The Economy Just an Excuse for Your Pill Habits

We've already debated the merits of various benzos and prescription amphetamines, and now Crain's is reporting that anti-anxiety prescriptions are up because of "uncertainties brought on by the financial crisis." Sure, honey.


In fact, the prescription spike for anti-depressants and benzos, et al, practically follows the timeline of the financial crisis, starting with the Lehman Brothers collapse in September:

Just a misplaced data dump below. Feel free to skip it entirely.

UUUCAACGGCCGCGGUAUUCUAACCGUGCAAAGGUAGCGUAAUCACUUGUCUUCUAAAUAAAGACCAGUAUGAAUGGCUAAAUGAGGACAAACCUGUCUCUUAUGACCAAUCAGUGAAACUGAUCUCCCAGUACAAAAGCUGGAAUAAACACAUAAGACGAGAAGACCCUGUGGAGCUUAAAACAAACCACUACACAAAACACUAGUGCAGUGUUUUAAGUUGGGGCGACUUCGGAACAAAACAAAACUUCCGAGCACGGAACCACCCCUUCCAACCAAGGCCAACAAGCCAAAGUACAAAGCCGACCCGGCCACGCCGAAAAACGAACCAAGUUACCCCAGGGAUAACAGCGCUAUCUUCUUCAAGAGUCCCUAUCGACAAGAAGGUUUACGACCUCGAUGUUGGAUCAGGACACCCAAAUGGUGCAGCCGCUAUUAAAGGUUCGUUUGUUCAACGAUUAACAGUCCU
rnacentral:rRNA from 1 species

As the financial world collapsed that month, New Yorkers filled 11% more sleep aid prescriptions and 9% more prescriptions for anti-anxiety and anti-depressant drugs than they had in the same period in 2007.

Sounds anecdotal! But we are assured that "evidence from psychiatrists, psychologists and sleep doctors suggests that patient volume is up and that rarely does a session go by without discussion of anxiety over the faltering economy."

God, that is such a good excuse to get more Xanax. We'll be working the "just got laid off" sob story from now 'til March.